Entries Tagged 'Communication Skills' ↓
March 4th, 2012 — Communication Skills, Conflict Resolution
Mediation is a form of alternative dispute resolution that has become popular among combative parties today. Mediation is often appointed by the court. In other instances, the parties agree to go through the process on their own. What is this process all about? The idea is to open up the lines of communication in hopes of reaching an equitable solution prior to taking the case to court. A good mediator can get both sides talking and ensure that the dialogue is productive. They use professional techniques to ensure that things stay on track.
Mediation to avoid expensive litigation
One thing that a good mediator will do is get both parties talking about a solution that makes sense. Litigation carries a lot of dead cost for the involved parties. Legal fees and court costs are high in most instances. Many parties can come to an agreement that would benefit them both financially over going to trial. A skilled mediator will guide the parties toward this kind of discussion.
Breaking a communication gridlock through mediation
In many disputes, the parties believe that they have said it all. They have tried to communicate for months on end. Resentment has grown. When this happen, the parties can clam up and refuse to say anything else. A good mediator will help the parties break the silence. That professional will understand methods of getting each party to think about the other party’s position. Things can change over the course of a few weeks. Opening back up the lines of communication is highly important in any case.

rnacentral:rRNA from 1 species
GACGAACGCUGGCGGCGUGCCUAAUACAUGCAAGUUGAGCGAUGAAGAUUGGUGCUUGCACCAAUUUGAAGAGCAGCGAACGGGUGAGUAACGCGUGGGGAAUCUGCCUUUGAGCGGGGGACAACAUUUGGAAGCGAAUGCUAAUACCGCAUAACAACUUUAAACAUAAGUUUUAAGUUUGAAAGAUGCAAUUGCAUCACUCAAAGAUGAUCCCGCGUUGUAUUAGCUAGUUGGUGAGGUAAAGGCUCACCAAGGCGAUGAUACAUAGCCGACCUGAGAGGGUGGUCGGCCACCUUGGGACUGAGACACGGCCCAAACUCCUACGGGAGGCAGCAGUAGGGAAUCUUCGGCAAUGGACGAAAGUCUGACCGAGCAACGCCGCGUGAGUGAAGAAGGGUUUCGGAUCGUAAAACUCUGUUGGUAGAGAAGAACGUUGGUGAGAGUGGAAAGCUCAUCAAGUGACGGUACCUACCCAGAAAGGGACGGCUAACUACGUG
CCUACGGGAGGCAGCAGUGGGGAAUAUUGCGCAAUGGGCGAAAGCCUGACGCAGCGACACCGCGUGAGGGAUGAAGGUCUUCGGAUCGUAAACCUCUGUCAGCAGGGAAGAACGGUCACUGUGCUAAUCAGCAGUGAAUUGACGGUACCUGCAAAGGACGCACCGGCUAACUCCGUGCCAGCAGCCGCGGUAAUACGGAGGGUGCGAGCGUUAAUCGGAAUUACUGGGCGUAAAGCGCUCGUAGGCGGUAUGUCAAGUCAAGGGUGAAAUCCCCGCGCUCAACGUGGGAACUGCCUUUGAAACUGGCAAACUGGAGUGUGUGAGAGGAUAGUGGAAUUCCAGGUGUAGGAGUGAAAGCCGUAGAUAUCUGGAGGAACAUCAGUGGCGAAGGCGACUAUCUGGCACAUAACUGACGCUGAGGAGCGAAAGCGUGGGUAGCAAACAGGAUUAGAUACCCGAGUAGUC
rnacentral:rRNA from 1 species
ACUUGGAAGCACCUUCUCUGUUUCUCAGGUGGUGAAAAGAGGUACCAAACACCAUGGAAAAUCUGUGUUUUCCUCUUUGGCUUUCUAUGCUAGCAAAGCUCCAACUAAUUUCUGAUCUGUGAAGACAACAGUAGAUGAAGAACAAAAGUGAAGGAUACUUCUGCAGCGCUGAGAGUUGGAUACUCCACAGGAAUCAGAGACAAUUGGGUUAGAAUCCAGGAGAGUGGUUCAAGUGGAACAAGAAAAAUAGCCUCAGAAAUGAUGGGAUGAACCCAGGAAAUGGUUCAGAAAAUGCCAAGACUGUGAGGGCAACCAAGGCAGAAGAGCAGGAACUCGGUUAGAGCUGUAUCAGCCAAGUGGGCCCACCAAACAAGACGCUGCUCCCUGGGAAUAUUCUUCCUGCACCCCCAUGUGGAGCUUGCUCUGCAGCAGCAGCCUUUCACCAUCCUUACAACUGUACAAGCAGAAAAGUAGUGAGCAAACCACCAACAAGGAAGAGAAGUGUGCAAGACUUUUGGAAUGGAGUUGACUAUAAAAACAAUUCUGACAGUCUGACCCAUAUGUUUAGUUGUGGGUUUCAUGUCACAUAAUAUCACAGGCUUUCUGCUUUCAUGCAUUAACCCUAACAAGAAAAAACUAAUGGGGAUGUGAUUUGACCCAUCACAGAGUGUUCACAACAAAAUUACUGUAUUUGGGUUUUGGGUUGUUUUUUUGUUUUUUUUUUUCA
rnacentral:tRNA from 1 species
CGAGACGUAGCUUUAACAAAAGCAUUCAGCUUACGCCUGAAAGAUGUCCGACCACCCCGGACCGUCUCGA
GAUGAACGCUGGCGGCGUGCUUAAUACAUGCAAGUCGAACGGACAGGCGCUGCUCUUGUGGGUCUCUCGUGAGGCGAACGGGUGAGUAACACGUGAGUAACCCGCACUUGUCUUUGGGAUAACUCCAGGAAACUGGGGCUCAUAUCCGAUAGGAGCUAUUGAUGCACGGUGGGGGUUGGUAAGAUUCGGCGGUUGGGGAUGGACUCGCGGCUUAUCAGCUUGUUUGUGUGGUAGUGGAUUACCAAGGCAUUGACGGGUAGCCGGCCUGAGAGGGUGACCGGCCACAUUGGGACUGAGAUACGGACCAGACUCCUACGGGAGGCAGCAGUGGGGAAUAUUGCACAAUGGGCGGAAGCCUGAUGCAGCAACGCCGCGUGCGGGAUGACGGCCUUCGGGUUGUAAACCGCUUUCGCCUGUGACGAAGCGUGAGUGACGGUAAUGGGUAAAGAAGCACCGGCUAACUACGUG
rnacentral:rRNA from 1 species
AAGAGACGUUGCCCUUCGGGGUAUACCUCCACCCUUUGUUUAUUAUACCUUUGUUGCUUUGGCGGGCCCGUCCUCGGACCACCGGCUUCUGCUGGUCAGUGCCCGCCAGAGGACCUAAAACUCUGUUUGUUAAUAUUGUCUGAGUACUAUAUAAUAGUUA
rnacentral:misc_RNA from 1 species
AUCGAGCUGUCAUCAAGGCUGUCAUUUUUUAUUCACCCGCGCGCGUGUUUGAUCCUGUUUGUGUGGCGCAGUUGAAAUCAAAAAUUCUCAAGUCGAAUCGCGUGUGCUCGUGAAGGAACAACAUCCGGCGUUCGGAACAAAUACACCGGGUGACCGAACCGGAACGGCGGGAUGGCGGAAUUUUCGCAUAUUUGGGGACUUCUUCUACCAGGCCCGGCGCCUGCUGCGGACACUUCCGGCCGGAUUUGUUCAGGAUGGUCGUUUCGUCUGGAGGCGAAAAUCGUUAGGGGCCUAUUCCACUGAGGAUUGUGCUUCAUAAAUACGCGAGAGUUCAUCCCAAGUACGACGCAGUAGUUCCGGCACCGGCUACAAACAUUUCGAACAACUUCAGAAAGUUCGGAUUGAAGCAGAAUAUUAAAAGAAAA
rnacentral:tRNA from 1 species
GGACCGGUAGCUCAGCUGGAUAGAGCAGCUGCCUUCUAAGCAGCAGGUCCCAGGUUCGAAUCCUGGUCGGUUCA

Keeping the discourse respectful
Money makes all situations difficult. When high dollar amounts are thrown around, parties can become disrespectful. They can get angry in most disputes. A good mediator will guide the ship. The parties will still do the heavy lifting in these situations. The mediator will make sure that things stay on an even keel. They are responsible for handling difficult situations that might arise during the course of communication. Having a professional to help in these tough situations is essential if you are going to get a deal done prior to going to trial.
Mediation is a process that can be more efficient than going to trial. A skilled professional will ensure that even the most conflicted parties are able to communicate their needs and wishes. Opening up these lines of communication through mediation is the first step to reaching a solution.
March 3rd, 2012 — Communication Skills, Conflict Resolution
Arbitration can be a highly effective alternative to costly lawsuits and attempts to take the law into one’s own hands, but in some situations, such as international arbitration, this method of dispute resolution can seem every bit as complex as a lawsuit. However, it’s important that you don’t treat international arbitration any differently than traditional arbitration, because doing so can hinder the effectiveness of your efforts. Although the international context does present unique challenges, the goal of this type of arbitration is the same as all others: finding a mutually acceptable solution to a dispute.
Language Barriers in International Arbitration
If you’re dealing with a language barrier, international arbitration may seem impossible from the start. However, major organizations and governmental bodies that oversee alternative dispute resolution efforts typically have access to translators. Having an appointed translator can provide a significant level of peace of mind, as parties don’t have to worry about trust issues. If a translator is not appointed, hiring a third party translator is still helpful. Career translators operate ethically and accurately, as their careers depend upon their reputations. Having both sides use the same translator wil help reduce the likelihood of miscommunication or bias.
Seeing Eye to Eye